Special Operations: Chinese Airborne Armor

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June 16, 2020: In early 2020, the Chinese airborne forces began receiving a new infantry armored vehicle, the VN3C. The 35,000 troops in the airborne forces are considered “special operations” troops and units acquire specific skills using equipment designed for that purpose. One of those specialties is airmobile (via helicopter) or airborne (on large, fixed-wing transports) operations. China has been building more helicopters, large air transports and armored and unarmored vehicles designed for delivery via parachute. Wheeled vehicles survive parachute delivery better than tracked vehicles.

All this explains why this new 4x4 wheeled vehicle replaces the tracked ZBD03 that entered service in 2005. The VN3C is heavier (9 versus 8 tons), faster (120 kilometers an hour versus 68), has longer range (800 versus 600 kilometers) and is easier to maintain. Armor protection is better and weapons are more powerful. The turret is unmanned and acts as a multi-weapon RWS (Remote Weapons Station) with the weapons operator inside the vehicle. While the two vehicles are the same dimensions, the VN3C carries seven (crew of 3 plus four troops) while the ADB 03 seats five passengers. Both vehicles armed with a 30mm autocannon, 7.62mm machine-gun and ATGMs (Anti-Tank Guided Missiles). Both are amphibious. The VN3C has updated versions of the 30mm cannon and ATGMs. In both vehicles, the autocannon is stabilized for accurate firing while on the move. Both vehicles can be delivered by parachute or by cargo aircraft (three per aircraft).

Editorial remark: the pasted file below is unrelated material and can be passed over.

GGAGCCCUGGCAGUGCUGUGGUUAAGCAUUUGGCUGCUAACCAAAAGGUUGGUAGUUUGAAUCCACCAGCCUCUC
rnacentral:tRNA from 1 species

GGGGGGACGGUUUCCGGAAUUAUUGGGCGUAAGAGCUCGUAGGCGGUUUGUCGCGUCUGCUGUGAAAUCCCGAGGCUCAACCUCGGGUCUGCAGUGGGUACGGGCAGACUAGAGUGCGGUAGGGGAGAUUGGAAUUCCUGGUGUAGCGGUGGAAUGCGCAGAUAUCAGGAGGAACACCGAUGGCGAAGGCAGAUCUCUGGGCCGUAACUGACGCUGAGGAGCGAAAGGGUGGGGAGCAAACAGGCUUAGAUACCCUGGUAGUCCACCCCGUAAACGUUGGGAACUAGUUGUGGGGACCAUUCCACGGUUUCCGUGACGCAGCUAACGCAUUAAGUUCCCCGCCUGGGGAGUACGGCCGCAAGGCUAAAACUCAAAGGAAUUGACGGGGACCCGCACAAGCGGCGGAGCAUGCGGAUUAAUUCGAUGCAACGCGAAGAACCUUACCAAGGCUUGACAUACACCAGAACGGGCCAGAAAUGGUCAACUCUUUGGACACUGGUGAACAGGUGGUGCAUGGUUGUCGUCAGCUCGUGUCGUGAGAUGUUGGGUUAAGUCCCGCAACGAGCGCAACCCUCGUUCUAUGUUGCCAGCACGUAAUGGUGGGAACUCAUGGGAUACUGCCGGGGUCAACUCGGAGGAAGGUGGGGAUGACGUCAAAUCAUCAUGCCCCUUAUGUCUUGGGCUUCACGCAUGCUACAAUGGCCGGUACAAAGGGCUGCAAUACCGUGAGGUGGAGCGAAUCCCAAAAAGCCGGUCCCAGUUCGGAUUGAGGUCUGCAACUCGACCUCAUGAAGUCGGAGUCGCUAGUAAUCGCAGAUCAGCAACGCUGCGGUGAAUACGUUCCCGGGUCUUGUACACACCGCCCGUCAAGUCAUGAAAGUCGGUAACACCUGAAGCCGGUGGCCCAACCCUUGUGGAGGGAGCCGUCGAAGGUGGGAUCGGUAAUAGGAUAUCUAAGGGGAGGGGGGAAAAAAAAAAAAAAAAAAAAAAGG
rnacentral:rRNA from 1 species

When the ZBD-03 first appeared, it was believed to be based on the Russian BMD, but it was later discovered the Chinese vehicle was a new design based on Western vehicles. Since the late 1990s, China has been relying less on light tracked combat vehicles and more on wheeled versions. Tracked vehicles require a lot more maintenance than wheeled ones and advanced cross-country wheeled vehicle technology has made it possible to design wheeled combat vehicles that perform off-road nearly as well as tracked ones. This is especially important for airborne units that will often find themselves cut off from land-based supply lines for days or weeks, so the lower fuel and spare parts requirements of wheeled vehicles are a major plus.

 


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